"Real collaboration is possible, but you have to learn to work together in a context of diversity."
Focused on working for a world without barriers, Melton Foundation offers programs to young university students to become the protagonists of change. We talked with Lars Dietzel, Strategic Director of the foundation to know his projections in the country.
How did you get to civil society?
Since I was a child I have participated in civil society initiatives. At age 12 I joined the Young Fire Brigade in my town in eastern Germany and, at age 19, I decided to do social service for 17 months in northern Belfast. There I volunteered at a Family Center that worked with young people and families to overcome the effects of the Civil War in Northern Ireland. It was an experience that inspired me to dedicate myself to promoting causes with social impact.
What is the organization currently working on?
The Melton Foundation promotes Global Citizenship so that individuals and organizations can work together, transcending physical and identity barriers, to address the challenges of an interconnected world.
We offer a fellowship -type of scholarship- to young people from the United States, Chile, Germany, Ghana, India and China, who are agents of change in their spheres of influence, and who are interested in connecting their ideas with young people from other places. Our Global Citizenship program prepares them with methods and tools to lead and collaborate in the work of achieving the Sustainable Development Goals.
Currently, we are organizing the Global Citizenship Conference It is designed as a platform for learning, sharing and collaborative action, and will be held in Bangalore, India, from September 23 to 29 this year.
What is your biggest challenge?
In an interconnected world, the way to emerge is when we design new ways of living together. In our experience, real collaboration is possible, but we must learn to work together in a context of diversity. Get to know each other, build trust, design solutions with the community. Empathy, intercultural communication, leading with complex systems, project management, etc., are important competencies to develop in order to connect with each other and cover problems effectively and collectively. The Melton Foundation has dedicated decades to this work, and it is still a challenge to put it into practice with each new group of fellows That joins the foundation.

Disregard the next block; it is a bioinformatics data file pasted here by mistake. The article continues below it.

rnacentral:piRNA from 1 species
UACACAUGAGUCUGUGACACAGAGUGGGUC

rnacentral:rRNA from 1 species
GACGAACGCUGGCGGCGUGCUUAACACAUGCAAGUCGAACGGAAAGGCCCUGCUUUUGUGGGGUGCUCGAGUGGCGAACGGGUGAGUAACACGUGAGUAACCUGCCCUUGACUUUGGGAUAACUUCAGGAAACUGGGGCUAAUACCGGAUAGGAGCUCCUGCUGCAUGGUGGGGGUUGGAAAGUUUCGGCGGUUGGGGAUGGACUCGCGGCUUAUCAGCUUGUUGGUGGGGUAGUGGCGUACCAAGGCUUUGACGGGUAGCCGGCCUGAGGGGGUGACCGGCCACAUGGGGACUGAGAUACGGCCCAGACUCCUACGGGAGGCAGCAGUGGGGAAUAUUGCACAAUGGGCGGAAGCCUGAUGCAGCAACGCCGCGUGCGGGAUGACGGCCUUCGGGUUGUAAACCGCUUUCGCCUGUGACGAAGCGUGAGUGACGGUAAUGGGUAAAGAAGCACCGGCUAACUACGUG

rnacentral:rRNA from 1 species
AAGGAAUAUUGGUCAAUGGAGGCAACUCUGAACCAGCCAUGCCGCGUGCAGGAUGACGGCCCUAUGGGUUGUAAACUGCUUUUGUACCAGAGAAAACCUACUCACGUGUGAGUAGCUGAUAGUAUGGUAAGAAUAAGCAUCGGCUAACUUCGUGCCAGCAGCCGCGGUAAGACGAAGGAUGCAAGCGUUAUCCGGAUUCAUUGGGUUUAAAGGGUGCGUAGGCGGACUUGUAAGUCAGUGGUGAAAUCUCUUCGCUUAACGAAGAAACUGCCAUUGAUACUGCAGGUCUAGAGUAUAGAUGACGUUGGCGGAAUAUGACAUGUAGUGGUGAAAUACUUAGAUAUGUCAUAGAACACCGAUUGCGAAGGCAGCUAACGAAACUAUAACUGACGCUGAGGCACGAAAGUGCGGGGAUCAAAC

Photo: Melton Foundation
28How was your experience at ColungaHUB?
Being the only representative of the Melton Foundation in Santiago, and with the opportunity to be part of ColungaHUB, I feel very fortunate. Although I have been here for a short time, I feel the energy and the great potential of working in a space where organizations, with visions of social impact, work, share, connect and inspire each other. In the weeks I have worked since ColungaHUB, I have had very enriching conversations.
What results do you hope to achieve with ColungaHUB?
Our board recently approved the new strategic direction for the Melton Foundation, which hopes to transform Global Citizenship programs and practices to achieve greater access and impact, both locally and globally.
With our base in Temuco, we hope to forge alliances with local organizations to transform the city into the first in Chile that adapts Global Citizenship as a transversal reference. We want initiatives, both from civil society and the business world, to develop a new coexist. One that puts collaboration and interest in the common good in their DNA. With the platform and vision that ColungaHUB gives us, all this is possible.